The Potters had trailed, 9-7, before going on a 13-0 run that produced a 23-11 halftime lead. Once content to throw up 3-pointers over Morton’s man-to-man defense, Marian scored eight field goals in the paint to move within 34-30 entering the fourth quarter.

“I think we panicked some in that third quarter,” Becker said. Once they fell behind in the fourth, the Potters did to Marian what they did to Washington and what they did to Peoria.

“Our girls didn’t collapse,” Becker said. “They stayed positive. What we’ve been saying, ‘Stay in the moment.’ They weren’t thinking about what just happened or what was going to happen. It’s a mental toughness that they’ve had all year.”

This tough: They forced Marian into desperation shots.

This much tougher: Next time down, Krupa took another pass at the free throw line and moved it outside the right arc where Maggie Hobson took it and in that “whirlwind of emotions,” she spoke as loudly as Lamprecht had spoken a thousand heartbeats earlier . . .


“When Tatym made hers, I got confident, too,” she said, adding brightly, “We are the Splash Sisters.”

That made it 42-37 with 2:37 to play. Then Lamprecht, fouled while getting a rebound, made two free throws at 1:51, and her sister-in-shooting, Hobson, added two more free throws to make it 46-37, with 1:12 left. Game over.

The Lady Potters will play in Class 3A’s Final Four at Redbird Arena for the sixth time in the last seven full seasons, needing two victories for the program’s fifth state championship in those seven years. Their semifinal is set for 11:45 a.m. Friday against Nazareth Academy of LaGrange, the latest #1 ranked team in 3A.

Lamprecht led Morton’s scoring with 15. Krupa had 13, VanMeenen 11, Hobson 8, and Hutchinson 2.


Morton’s Lady Potters 44, Washington 38

Someone, please, take this one. Write this one. Notes, I have notes. Unreadable. Like hieroglyphics off King Tut’s tomb. Important notes have asterisks, like this ***!!***!. To earn my Milk Duds, I need tell you how the Lady Potters did it. How they did it? I have no freakin’ clue. They just did it.

I looked up with 3.9 seconds to play.

Katie Krupa, Katie Krupa!, took a seat on the bench, exhausted.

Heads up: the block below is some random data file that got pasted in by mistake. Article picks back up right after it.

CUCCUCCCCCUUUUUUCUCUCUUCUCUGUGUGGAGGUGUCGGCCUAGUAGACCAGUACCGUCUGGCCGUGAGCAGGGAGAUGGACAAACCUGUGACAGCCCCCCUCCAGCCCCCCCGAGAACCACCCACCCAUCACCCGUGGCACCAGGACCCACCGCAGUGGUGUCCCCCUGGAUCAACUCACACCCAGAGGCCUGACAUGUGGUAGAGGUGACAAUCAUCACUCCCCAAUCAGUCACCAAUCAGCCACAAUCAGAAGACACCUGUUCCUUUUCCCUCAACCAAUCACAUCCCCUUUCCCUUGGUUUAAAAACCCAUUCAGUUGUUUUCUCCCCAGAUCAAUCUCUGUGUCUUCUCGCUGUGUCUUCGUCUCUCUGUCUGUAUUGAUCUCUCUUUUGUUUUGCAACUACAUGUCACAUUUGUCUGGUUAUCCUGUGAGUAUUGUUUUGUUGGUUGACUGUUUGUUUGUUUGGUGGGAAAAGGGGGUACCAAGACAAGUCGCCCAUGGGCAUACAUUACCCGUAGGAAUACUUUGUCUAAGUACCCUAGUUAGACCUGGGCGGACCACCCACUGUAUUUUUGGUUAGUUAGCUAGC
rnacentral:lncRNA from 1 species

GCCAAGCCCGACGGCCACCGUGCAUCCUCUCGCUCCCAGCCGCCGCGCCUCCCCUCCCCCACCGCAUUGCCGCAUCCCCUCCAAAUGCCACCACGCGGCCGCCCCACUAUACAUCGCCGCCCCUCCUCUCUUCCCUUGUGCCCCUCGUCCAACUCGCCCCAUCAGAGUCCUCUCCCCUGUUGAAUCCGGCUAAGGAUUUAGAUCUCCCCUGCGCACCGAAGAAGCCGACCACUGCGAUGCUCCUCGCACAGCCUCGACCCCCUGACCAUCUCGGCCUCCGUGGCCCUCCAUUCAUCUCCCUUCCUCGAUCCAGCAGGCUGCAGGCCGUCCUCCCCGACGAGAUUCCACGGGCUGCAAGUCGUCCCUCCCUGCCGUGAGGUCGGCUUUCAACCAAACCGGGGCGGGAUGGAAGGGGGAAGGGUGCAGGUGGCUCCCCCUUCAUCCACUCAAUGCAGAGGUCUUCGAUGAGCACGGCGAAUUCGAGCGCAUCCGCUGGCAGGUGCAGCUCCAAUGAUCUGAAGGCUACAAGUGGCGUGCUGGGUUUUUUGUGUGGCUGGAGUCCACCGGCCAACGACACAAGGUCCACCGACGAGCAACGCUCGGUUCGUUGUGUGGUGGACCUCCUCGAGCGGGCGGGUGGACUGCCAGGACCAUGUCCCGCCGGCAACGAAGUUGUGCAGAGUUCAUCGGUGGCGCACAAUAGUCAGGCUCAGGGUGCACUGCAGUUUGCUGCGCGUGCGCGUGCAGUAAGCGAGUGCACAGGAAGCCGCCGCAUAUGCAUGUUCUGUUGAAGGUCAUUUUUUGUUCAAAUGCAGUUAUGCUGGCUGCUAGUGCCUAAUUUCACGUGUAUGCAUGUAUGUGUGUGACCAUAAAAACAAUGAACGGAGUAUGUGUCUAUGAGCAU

Here came Bob Becker, in a paroxysm of delight (look it up, I’m busy writing). He threw his self onto the seat next to Katie Krupa, Katie Krupa!!!

They’d done it. They’d won a sectional championship. They’d beaten their good neighbors, Washington, for the third time this season. They’d been five points down in the third quarter. They took the lead early in the fourth quarter. And with 5 minutes to play, Bob Becker crouched in front of his team during a timeout.

Five minutes to play. Up by four points.

Becker’s face was the color of his tie, flaming red.

In all-capital letters, only louder, he said to his Potters, “ARE YOU READY TO FIGHT NOW?”

Goodgawdamighty, folks, that’s called asking a question to which you know the answer, because, after using up precious Grandma-deadline minutes decoding my notes, it’s clear that the Lady Potters won this game by . . . .

Hell, I dunno how they won it.

Maybe it was a Grandma thing. When Morton’s fans seemed less lively than Joan Krupa liked, Katie’s grandmother, in the third row of the bleachers, turned to face all those fans and pumped her hands into the air, asking everyone to join her. They did. “I don’t know what got into me,” Mrs. Krupa said, happy that whatever got into her got into her.

Or maybe the Potters won it by playing unrelenting defense for 32 minutes.

Maybe by wanting loose balls more than Washington wanted loose balls.

Maybe by finding ways to score when they hadn’t scored that way all night.

Maybe by refusing to lose.

Like this: They were down 31-28 with 6:59 to play. Then came a Potters freshman Ellie VanMeenen, throwing in a 3-pointer from the right arc to tie it. A freshman! Who knew?

Thirty-seconds later, after a Washington basket, VanMeenen made another 3-pointer, this one from the left side. A freshman throwing strikes in the heat of a big moment! Who in November could see that happening in February?